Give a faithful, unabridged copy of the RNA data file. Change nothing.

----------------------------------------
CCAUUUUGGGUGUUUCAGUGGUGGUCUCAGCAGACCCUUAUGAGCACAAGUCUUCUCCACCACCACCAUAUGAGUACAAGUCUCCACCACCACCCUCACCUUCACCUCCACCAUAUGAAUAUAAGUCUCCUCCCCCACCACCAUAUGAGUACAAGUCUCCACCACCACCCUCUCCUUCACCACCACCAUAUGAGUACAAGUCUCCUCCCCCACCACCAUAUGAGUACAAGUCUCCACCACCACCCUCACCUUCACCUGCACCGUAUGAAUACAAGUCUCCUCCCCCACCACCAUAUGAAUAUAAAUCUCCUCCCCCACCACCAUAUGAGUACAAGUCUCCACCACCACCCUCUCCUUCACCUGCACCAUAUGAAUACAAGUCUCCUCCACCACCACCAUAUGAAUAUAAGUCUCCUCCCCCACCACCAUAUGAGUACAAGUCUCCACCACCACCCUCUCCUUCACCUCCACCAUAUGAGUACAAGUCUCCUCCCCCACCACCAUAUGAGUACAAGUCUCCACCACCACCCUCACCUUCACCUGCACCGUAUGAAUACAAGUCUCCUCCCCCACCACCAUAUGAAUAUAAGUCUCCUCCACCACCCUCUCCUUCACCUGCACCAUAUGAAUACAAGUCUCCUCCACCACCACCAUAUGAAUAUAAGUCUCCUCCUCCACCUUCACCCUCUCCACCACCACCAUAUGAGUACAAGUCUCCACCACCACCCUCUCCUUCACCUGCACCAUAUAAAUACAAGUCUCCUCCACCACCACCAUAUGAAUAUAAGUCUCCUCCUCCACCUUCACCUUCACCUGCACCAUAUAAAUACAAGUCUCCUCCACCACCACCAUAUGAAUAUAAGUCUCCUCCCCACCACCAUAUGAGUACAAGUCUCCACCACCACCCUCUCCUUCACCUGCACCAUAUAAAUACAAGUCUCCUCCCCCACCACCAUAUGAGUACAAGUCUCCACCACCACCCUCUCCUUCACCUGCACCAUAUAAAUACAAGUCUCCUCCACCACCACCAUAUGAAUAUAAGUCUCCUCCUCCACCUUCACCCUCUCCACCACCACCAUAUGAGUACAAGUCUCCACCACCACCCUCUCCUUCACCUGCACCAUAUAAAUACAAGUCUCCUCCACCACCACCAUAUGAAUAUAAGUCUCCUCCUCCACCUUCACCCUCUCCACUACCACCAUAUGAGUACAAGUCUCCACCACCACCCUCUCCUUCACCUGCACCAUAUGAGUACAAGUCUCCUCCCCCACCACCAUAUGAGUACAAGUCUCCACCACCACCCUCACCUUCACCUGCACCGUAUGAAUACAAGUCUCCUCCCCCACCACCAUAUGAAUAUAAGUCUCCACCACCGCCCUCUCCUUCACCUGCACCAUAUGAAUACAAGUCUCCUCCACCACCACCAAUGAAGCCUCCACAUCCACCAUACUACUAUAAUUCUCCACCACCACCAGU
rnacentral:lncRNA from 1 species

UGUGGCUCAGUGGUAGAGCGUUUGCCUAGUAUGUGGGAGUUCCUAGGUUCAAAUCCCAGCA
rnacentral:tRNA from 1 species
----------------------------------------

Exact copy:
CCAUUUUGGGUGUUUCAGUGGUGGUCUCAGCAGACCCUUAUGAGCACAAGUCUUCUCCACCACCACCAUAUGAGUACAAGUCUCCACCACCACCCUCACCUUCACCUCCACCAUAUGAAUAUAAGUCUCCUCCCCCACCACCAUAUGAGUACAAGUCUCCACCACCACCCUCUCCUUCACCACCACCAUAUGAGUACAAGUCUCCUCCCCCACCACCAUAUGAGUACAAGUCUCCACCACCACCCUCACCUUCACCUGCACCGUAUGAAUACAAGUCUCCUCCCCCACCACCAUAUGAAUAUAAAUCUCCUCCCCCACCACCAUAUGAGUACAAGUCUCCACCACCACCCUCUCCUUCACCUGCACCAUAUGAAUACAAGUCUCCUCCACCACCACCAUAUGAAUAUAAGUCUCCUCCCCCACCACCAUAUGAGUACAAGUCUCCACCACCACCCUCUCCUUCACCUCCACCAUAUGAGUACAAGUCUCCUCCCCCACCACCAUAUGAGUACAAGUCUCCACCACCACCCUCACCUUCACCUGCACCGUAUGAAUACAAGUCUCCUCCCCCACCACCAUAUGAAUAUAAGUCUCCUCCACCACCCUCUCCUUCACCUGCACCAUAUGAAUACAAGUCUCCUCCACCACCACCAUAUGAAUAUAAGUCUCCUCCUCCACCUUCACCCUCUCCACCACCACCAUAUGAGUACAAGUCUCCACCACCACCCUCUCCUUCACCUGCACCAUAUAAAUACAAGUCUCCUCCACCACCACCAUAUGAAUAUAAGUCUCCUCCUCCACCUUCACCUUCACCUGCACCAUAUAAAUACAAGUCUCCUCCACCACCACCAUAUGAAUAUAAGUCUCCUCCCCACCACCAUAUGAGUACAAGUCUCCACCACCACCCUCUCCUUCACCUGCACCAUAUAAAUACAAGUCUCCUCCCCCACCACCAUAUGAGUACAAGUCUCCACCACCACCCUCUCCUUCACCUGCACCAUAUAAAUACAAGUCUCCUCCACCACCACCAUAUGAAUAUAAGUCUCCUCCUCCACCUUCACCCUCUCCACCACCACCAUAUGAGUACAAGUCUCCACCACCACCCUCUCCUUCACCUGCACCAUAUAAAUACAAGUCUCCUCCACCACCACCAUAUGAAUAUAAGUCUCCUCCUCCACCUUCACCCUCUCCACUACCACCAUAUGAGUACAAGUCUCCACCACCACCCUCUCCUUCACCUGCACCAUAUGAGUACAAGUCUCCUCCCCCACCACCAUAUGAGUACAAGUCUCCACCACCACCCUCACCUUCACCUGCACCGUAUGAAUACAAGUCUCCUCCCCCACCACCAUAUGAAUAUAAGUCUCCACCACCGCCCUCUCCUUCACCUGCACCAUAUGAAUACAAGUCUCCUCCACCACCACCAAUGAAGCCUCCACAUCCACCAUACUACUAUAAUUCUCCACCACCACCAGU
rnacentral:lncRNA from 1 species

UGUGGCUCAGUGGUAGAGCGUUUGCCUAGUAUGUGGGAGUUCCUAGGUUCAAAUCCCAGCA
rnacentral:tRNA from 1 species